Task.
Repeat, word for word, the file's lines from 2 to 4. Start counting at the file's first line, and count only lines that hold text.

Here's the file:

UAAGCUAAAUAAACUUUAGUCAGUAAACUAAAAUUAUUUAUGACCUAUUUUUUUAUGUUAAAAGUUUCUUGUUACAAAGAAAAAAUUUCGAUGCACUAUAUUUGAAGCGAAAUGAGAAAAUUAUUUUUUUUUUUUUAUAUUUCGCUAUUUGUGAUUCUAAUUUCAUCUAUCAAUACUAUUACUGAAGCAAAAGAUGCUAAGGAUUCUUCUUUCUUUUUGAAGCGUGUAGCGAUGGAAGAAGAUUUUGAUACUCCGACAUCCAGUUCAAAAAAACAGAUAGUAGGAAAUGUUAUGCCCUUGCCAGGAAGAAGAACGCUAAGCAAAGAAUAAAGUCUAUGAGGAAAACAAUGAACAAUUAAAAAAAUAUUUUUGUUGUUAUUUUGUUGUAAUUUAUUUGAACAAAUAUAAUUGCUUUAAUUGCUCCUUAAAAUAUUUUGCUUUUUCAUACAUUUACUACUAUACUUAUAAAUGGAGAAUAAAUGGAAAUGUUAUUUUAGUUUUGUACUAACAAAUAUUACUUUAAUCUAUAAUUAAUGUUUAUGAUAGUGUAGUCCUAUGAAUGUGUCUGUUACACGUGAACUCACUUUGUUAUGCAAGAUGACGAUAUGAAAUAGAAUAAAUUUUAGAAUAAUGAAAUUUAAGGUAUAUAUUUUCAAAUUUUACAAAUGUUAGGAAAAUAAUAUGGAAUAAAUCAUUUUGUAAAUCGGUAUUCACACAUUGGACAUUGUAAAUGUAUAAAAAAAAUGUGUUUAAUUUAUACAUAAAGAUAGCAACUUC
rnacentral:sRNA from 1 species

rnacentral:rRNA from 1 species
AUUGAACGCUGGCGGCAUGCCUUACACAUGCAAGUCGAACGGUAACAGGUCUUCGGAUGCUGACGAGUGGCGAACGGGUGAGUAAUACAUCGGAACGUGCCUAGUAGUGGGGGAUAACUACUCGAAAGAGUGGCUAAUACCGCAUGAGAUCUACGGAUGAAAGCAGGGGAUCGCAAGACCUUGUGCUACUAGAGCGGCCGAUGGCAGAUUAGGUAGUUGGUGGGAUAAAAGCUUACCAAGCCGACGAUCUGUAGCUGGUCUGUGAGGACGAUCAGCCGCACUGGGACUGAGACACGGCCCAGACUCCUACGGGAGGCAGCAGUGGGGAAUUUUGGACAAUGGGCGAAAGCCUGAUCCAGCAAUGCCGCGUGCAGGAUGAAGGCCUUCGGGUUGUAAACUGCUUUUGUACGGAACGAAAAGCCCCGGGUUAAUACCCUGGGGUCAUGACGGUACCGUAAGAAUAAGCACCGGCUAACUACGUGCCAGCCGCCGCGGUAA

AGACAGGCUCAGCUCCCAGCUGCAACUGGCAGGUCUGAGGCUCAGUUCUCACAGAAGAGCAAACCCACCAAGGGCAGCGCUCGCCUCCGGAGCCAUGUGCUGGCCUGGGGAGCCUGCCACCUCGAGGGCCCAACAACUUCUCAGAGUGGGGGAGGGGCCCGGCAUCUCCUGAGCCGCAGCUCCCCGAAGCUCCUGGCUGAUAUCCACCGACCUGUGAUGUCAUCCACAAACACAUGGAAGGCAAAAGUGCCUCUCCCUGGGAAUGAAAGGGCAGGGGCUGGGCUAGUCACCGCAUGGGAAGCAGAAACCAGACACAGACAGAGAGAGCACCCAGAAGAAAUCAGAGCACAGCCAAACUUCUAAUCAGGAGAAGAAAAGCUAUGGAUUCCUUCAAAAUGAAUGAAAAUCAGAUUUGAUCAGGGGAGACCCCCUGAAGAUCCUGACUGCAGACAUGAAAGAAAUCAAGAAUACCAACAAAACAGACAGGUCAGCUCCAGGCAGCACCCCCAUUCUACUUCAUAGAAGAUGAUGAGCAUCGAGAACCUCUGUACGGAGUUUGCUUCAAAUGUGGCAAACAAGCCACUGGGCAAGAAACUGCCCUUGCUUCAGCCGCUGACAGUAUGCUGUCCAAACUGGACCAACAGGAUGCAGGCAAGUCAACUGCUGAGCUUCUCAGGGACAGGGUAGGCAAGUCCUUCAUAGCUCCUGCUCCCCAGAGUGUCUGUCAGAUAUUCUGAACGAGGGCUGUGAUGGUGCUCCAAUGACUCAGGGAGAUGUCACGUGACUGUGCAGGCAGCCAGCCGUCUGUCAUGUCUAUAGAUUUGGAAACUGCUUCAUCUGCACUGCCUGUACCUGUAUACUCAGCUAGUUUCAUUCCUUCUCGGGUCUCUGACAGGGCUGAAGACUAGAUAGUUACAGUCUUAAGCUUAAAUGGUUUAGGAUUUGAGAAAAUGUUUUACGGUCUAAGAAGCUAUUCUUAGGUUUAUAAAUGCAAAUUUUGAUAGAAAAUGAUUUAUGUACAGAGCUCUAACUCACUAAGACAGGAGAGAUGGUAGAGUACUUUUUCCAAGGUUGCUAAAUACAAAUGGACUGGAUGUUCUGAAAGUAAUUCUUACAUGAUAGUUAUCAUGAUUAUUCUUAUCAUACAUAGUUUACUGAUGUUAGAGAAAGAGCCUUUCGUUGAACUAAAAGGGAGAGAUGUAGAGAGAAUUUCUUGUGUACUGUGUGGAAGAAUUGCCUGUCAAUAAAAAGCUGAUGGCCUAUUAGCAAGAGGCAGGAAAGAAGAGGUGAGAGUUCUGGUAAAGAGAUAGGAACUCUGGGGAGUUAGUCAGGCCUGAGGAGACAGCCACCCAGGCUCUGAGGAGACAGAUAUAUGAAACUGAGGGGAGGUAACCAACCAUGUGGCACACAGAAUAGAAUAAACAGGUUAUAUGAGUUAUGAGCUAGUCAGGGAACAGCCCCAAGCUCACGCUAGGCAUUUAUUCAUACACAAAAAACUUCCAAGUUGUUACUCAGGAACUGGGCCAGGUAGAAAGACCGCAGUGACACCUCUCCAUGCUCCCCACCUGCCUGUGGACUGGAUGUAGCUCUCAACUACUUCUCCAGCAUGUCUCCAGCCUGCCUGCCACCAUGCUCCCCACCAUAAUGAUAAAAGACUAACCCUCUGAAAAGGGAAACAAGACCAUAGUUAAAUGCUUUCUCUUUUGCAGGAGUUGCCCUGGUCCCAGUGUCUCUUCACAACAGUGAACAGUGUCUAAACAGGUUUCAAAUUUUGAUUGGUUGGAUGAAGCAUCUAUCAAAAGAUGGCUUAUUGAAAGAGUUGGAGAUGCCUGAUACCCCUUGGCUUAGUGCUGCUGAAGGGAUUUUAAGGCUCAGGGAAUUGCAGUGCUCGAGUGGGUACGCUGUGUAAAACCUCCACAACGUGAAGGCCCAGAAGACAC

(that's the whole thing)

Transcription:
rnacentral:sRNA from 1 species

rnacentral:rRNA from 1 species
AUUGAACGCUGGCGGCAUGCCUUACACAUGCAAGUCGAACGGUAACAGGUCUUCGGAUGCUGACGAGUGGCGAACGGGUGAGUAAUACAUCGGAACGUGCCUAGUAGUGGGGGAUAACUACUCGAAAGAGUGGCUAAUACCGCAUGAGAUCUACGGAUGAAAGCAGGGGAUCGCAAGACCUUGUGCUACUAGAGCGGCCGAUGGCAGAUUAGGUAGUUGGUGGGAUAAAAGCUUACCAAGCCGACGAUCUGUAGCUGGUCUGUGAGGACGAUCAGCCGCACUGGGACUGAGACACGGCCCAGACUCCUACGGGAGGCAGCAGUGGGGAAUUUUGGACAAUGGGCGAAAGCCUGAUCCAGCAAUGCCGCGUGCAGGAUGAAGGCCUUCGGGUUGUAAACUGCUUUUGUACGGAACGAAAAGCCCCGGGUUAAUACCCUGGGGUCAUGACGGUACCGUAAGAAUAAGCACCGGCUAACUACGUGCCAGCCGCCGCGGUAA